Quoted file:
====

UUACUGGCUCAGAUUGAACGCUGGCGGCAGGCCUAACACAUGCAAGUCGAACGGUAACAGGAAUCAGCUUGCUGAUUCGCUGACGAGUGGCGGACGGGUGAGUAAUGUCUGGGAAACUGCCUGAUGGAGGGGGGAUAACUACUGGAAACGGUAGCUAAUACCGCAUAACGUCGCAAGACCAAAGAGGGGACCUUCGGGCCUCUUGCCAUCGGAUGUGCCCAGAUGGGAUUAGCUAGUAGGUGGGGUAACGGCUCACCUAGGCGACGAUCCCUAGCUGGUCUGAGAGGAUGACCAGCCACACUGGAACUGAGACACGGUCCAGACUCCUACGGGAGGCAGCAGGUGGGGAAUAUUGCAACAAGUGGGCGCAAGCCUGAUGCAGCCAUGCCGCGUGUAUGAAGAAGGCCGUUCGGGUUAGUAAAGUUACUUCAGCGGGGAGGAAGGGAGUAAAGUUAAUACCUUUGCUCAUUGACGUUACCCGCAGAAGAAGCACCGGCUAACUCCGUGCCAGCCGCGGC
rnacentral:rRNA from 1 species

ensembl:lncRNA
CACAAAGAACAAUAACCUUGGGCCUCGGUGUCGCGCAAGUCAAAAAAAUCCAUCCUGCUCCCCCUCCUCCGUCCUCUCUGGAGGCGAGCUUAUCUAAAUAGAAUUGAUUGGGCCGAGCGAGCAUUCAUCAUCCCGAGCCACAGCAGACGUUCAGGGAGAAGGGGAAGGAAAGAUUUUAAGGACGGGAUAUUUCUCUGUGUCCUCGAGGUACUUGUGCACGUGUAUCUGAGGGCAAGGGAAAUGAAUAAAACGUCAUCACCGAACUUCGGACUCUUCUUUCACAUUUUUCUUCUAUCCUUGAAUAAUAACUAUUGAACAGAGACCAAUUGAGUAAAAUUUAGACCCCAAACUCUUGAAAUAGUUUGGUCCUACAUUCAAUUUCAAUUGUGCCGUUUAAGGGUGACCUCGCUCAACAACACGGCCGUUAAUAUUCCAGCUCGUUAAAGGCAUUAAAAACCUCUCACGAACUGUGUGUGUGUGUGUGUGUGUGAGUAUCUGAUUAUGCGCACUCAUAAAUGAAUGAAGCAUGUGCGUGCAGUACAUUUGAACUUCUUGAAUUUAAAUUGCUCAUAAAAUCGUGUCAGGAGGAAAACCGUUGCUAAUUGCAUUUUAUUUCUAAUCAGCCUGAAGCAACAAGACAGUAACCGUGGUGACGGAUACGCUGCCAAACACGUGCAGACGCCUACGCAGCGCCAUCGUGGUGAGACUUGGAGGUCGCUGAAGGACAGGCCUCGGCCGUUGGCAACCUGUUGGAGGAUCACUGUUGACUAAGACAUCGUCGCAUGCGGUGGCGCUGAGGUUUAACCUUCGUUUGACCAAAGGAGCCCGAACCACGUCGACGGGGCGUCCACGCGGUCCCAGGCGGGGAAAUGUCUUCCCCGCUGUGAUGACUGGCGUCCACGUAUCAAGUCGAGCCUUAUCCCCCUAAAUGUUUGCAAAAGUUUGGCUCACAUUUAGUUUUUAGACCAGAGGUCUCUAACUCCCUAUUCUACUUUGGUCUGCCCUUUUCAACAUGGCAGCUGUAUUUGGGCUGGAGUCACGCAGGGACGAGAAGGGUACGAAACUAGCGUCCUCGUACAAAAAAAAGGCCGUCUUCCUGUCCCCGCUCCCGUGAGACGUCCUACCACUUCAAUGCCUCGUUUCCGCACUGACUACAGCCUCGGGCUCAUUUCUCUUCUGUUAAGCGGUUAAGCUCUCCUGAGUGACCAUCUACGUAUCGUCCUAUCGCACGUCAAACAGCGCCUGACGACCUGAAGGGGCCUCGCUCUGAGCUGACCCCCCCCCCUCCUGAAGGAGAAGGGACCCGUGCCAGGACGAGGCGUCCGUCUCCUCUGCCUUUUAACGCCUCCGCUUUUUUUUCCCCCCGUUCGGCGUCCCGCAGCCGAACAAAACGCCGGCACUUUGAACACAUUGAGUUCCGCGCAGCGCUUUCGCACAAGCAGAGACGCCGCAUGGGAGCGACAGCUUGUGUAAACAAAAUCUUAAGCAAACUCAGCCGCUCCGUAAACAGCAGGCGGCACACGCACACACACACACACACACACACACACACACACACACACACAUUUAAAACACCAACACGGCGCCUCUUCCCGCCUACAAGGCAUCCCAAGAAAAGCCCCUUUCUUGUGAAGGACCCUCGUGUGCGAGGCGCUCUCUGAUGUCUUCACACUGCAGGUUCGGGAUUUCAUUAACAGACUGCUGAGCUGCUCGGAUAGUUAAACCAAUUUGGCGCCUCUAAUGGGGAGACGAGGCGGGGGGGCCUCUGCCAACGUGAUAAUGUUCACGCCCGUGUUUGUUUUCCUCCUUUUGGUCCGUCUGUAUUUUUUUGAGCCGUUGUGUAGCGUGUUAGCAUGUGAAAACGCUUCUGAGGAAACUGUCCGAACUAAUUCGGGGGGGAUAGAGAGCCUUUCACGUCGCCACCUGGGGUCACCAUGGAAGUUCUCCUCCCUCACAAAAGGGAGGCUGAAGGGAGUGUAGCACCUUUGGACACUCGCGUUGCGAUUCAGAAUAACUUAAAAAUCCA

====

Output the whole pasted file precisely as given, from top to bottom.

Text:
UUACUGGCUCAGAUUGAACGCUGGCGGCAGGCCUAACACAUGCAAGUCGAACGGUAACAGGAAUCAGCUUGCUGAUUCGCUGACGAGUGGCGGACGGGUGAGUAAUGUCUGGGAAACUGCCUGAUGGAGGGGGGAUAACUACUGGAAACGGUAGCUAAUACCGCAUAACGUCGCAAGACCAAAGAGGGGACCUUCGGGCCUCUUGCCAUCGGAUGUGCCCAGAUGGGAUUAGCUAGUAGGUGGGGUAACGGCUCACCUAGGCGACGAUCCCUAGCUGGUCUGAGAGGAUGACCAGCCACACUGGAACUGAGACACGGUCCAGACUCCUACGGGAGGCAGCAGGUGGGGAAUAUUGCAACAAGUGGGCGCAAGCCUGAUGCAGCCAUGCCGCGUGUAUGAAGAAGGCCGUUCGGGUUAGUAAAGUUACUUCAGCGGGGAGGAAGGGAGUAAAGUUAAUACCUUUGCUCAUUGACGUUACCCGCAGAAGAAGCACCGGCUAACUCCGUGCCAGCCGCGGC
rnacentral:rRNA from 1 species

ensembl:lncRNA
CACAAAGAACAAUAACCUUGGGCCUCGGUGUCGCGCAAGUCAAAAAAAUCCAUCCUGCUCCCCCUCCUCCGUCCUCUCUGGAGGCGAGCUUAUCUAAAUAGAAUUGAUUGGGCCGAGCGAGCAUUCAUCAUCCCGAGCCACAGCAGACGUUCAGGGAGAAGGGGAAGGAAAGAUUUUAAGGACGGGAUAUUUCUCUGUGUCCUCGAGGUACUUGUGCACGUGUAUCUGAGGGCAAGGGAAAUGAAUAAAACGUCAUCACCGAACUUCGGACUCUUCUUUCACAUUUUUCUUCUAUCCUUGAAUAAUAACUAUUGAACAGAGACCAAUUGAGUAAAAUUUAGACCCCAAACUCUUGAAAUAGUUUGGUCCUACAUUCAAUUUCAAUUGUGCCGUUUAAGGGUGACCUCGCUCAACAACACGGCCGUUAAUAUUCCAGCUCGUUAAAGGCAUUAAAAACCUCUCACGAACUGUGUGUGUGUGUGUGUGUGUGAGUAUCUGAUUAUGCGCACUCAUAAAUGAAUGAAGCAUGUGCGUGCAGUACAUUUGAACUUCUUGAAUUUAAAUUGCUCAUAAAAUCGUGUCAGGAGGAAAACCGUUGCUAAUUGCAUUUUAUUUCUAAUCAGCCUGAAGCAACAAGACAGUAACCGUGGUGACGGAUACGCUGCCAAACACGUGCAGACGCCUACGCAGCGCCAUCGUGGUGAGACUUGGAGGUCGCUGAAGGACAGGCCUCGGCCGUUGGCAACCUGUUGGAGGAUCACUGUUGACUAAGACAUCGUCGCAUGCGGUGGCGCUGAGGUUUAACCUUCGUUUGACCAAAGGAGCCCGAACCACGUCGACGGGGCGUCCACGCGGUCCCAGGCGGGGAAAUGUCUUCCCCGCUGUGAUGACUGGCGUCCACGUAUCAAGUCGAGCCUUAUCCCCCUAAAUGUUUGCAAAAGUUUGGCUCACAUUUAGUUUUUAGACCAGAGGUCUCUAACUCCCUAUUCUACUUUGGUCUGCCCUUUUCAACAUGGCAGCUGUAUUUGGGCUGGAGUCACGCAGGGACGAGAAGGGUACGAAACUAGCGUCCUCGUACAAAAAAAAGGCCGUCUUCCUGUCCCCGCUCCCGUGAGACGUCCUACCACUUCAAUGCCUCGUUUCCGCACUGACUACAGCCUCGGGCUCAUUUCUCUUCUGUUAAGCGGUUAAGCUCUCCUGAGUGACCAUCUACGUAUCGUCCUAUCGCACGUCAAACAGCGCCUGACGACCUGAAGGGGCCUCGCUCUGAGCUGACCCCCCCCCCUCCUGAAGGAGAAGGGACCCGUGCCAGGACGAGGCGUCCGUCUCCUCUGCCUUUUAACGCCUCCGCUUUUUUUUCCCCCCGUUCGGCGUCCCGCAGCCGAACAAAACGCCGGCACUUUGAACACAUUGAGUUCCGCGCAGCGCUUUCGCACAAGCAGAGACGCCGCAUGGGAGCGACAGCUUGUGUAAACAAAAUCUUAAGCAAACUCAGCCGCUCCGUAAACAGCAGGCGGCACACGCACACACACACACACACACACACACACACACACACACACACAUUUAAAACACCAACACGGCGCCUCUUCCCGCCUACAAGGCAUCCCAAGAAAAGCCCCUUUCUUGUGAAGGACCCUCGUGUGCGAGGCGCUCUCUGAUGUCUUCACACUGCAGGUUCGGGAUUUCAUUAACAGACUGCUGAGCUGCUCGGAUAGUUAAACCAAUUUGGCGCCUCUAAUGGGGAGACGAGGCGGGGGGGCCUCUGCCAACGUGAUAAUGUUCACGCCCGUGUUUGUUUUCCUCCUUUUGGUCCGUCUGUAUUUUUUUGAGCCGUUGUGUAGCGUGUUAGCAUGUGAAAACGCUUCUGAGGAAACUGUCCGAACUAAUUCGGGGGGGAUAGAGAGCCUUUCACGUCGCCACCUGGGGUCACCAUGGAAGUUCUCCUCCCUCACAAAAGGGAGGCUGAAGGGAGUGUAGCACCUUUGGACACUCGCGUUGCGAUUCAGAAUAACUUAAAAAUCCA